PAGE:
Tuesday, June 3, 2008

Wright Dairy Farm

While I was out of town this past weekend at a family reunion in Glencoe Alabama, I decided to make the best of it and go somewhere I have been wanting to take the kids. With gas prices being what they are though, it is not a trip I don't think I would have made had I not been in the area. We headed over to Alexandria, Alabama to the Wright Dairy Farm (about 20 minutes from where I was). Conveniently located in Calhoun County on U.S. 431 north of Anniston, it is the only dairy family in Alabama who milks the cows, bottles the milk and sells it to you right on the farm. We arrived and wanted to see cows. That is what there is to see at a dairy farm, right? The lady in the store told us that they were just about to finish up milking and to head next door. We did, I pushed the kids inside the opened door. At first I didn't see any cows. Then, in the distance of about 20 feet I saw about 5-6 cows with hoses hooked to utters. Or really, that was what we assumed. This was the best view we had....

We were a bit disappointed. I especially, after I had talked it up to the kids on the ride over. I had also hoped for someone that worked there to tell the kids about the milking process, but the two men that were there didn't seem as though they wanted to be bothered with city folk. Perhaps it was Sledge's fault. She was almost in tears at the stench in the milking building. Let's face it, cows poop. That's really all they do other than eat and provide food. I kept asking Sledge to suck it up and try and learn something , but at this point her hand was over her nose, her eyes watering, she burst out, "I gotta get outta here!!!" and ran out of the building. I hope that isn't a glimpse into her future parenting skills. I hope her future husband will be a good diaper changer, but by nature (and great dramatic skill) men are usually not.

And so, we looked around for some cows who utters were not hooked up to a milking device. We headed left. We found a pasture that only had babies in it. Baby cows. They were so cute.
After much oohing and ahhing, we then ventured inside a barn. At first we thought there wasn't anything inside, but then, I caught a glimpse of something small and black in the corner of a stall. A newborn baby. Fresh. He still had his "sea legs". Umbilical cord still attached. He did nothing more than stand there looking helpless, as he was alone. "You know why he is alone in here don't you?" my mom asked the kids. "At the dairy farm they take the calves away from the mom's so that the mom's will still produce for the farmer. Besides that, this one is a boy. Only female calves give milk." I hadn't given it much thought. I don't even know if it's factual. But I did know that my heart broke right into a million pieces and splintered like the shavings at my feet. "Awww! That is so so sad!" I said aloud. Something motherly deep inside me then blurted out a "moooo". (I never claimed to be normal). And it was then the little black calf perked up and hollered back, "mooo" and then, stumbling clumsily over to me and put his head between the stall railings to get a look.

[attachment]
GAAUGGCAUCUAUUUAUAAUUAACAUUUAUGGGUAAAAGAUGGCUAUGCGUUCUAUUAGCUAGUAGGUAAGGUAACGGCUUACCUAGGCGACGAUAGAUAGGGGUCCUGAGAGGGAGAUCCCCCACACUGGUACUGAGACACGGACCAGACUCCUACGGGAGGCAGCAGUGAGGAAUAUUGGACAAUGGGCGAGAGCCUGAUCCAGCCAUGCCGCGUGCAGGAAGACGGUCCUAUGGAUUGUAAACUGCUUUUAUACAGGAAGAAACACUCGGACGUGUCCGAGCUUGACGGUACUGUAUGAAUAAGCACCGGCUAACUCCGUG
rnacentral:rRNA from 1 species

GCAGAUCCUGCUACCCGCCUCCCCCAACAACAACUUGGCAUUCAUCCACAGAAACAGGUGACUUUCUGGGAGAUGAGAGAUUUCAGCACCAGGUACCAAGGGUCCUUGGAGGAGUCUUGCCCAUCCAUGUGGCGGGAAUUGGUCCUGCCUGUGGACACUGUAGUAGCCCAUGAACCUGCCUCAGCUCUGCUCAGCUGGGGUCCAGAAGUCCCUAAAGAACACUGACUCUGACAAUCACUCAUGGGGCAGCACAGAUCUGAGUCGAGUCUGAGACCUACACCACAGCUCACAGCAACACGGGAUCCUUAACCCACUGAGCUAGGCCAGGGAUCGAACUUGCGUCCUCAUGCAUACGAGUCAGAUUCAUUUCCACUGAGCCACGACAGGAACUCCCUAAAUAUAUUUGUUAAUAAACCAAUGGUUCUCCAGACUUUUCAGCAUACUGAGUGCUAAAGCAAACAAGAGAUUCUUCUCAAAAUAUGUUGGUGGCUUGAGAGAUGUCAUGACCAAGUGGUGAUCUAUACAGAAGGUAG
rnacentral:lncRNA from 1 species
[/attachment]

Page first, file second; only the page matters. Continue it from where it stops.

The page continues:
He thought I was momma.
I reached through the stall and began to pat his head. His huge eyes looked deeply into mine, I am sure he wondered, "Are you my momma", just like that little story book goes. Again, I mooed, again he answered.
(Dullbert, do not comment)

I began to pat his side. He was solid muscle, not an ounce of baby fat on him. He suddenly hopped straight up into the air and because he was not yet used to landing, or even walking for that matter, he collapsed onto his knees. He got up and again came to the fence, peering out at us.

Again, I gave him a pat and once again he tried to run around, all the while attempting to jump into the air and again falling to the ground. (speaking of running-what a run-on sentence!).

This went on for sometime. My parents, my kids and my cousin kept asking me to "Come on!" but I just was enjoying the little guys company as much as he seemed to enjoy mine. Every so often he would walk over to the device that held milk and suckle from it, only to return for more